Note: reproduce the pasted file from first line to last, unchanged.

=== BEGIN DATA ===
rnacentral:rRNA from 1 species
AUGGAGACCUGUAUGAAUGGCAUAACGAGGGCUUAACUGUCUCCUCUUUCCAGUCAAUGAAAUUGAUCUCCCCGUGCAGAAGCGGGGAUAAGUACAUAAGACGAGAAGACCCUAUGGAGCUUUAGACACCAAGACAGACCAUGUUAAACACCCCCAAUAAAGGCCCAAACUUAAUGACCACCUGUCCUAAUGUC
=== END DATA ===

rnacentral:rRNA from 1 species
AUGGAGACCUGUAUGAAUGGCAUAACGAGGGCUUAACUGUCUCCUCUUUCCAGUCAAUGAAAUUGAUCUCCCCGUGCAGAAGCGGGGAUAAGUACAUAAGACGAGAAGACCCUAUGGAGCUUUAGACACCAAGACAGACCAUGUUAAACACCCCCAAUAAAGGCCCAAACUUAAUGACCACCUGUCCUAAUGUC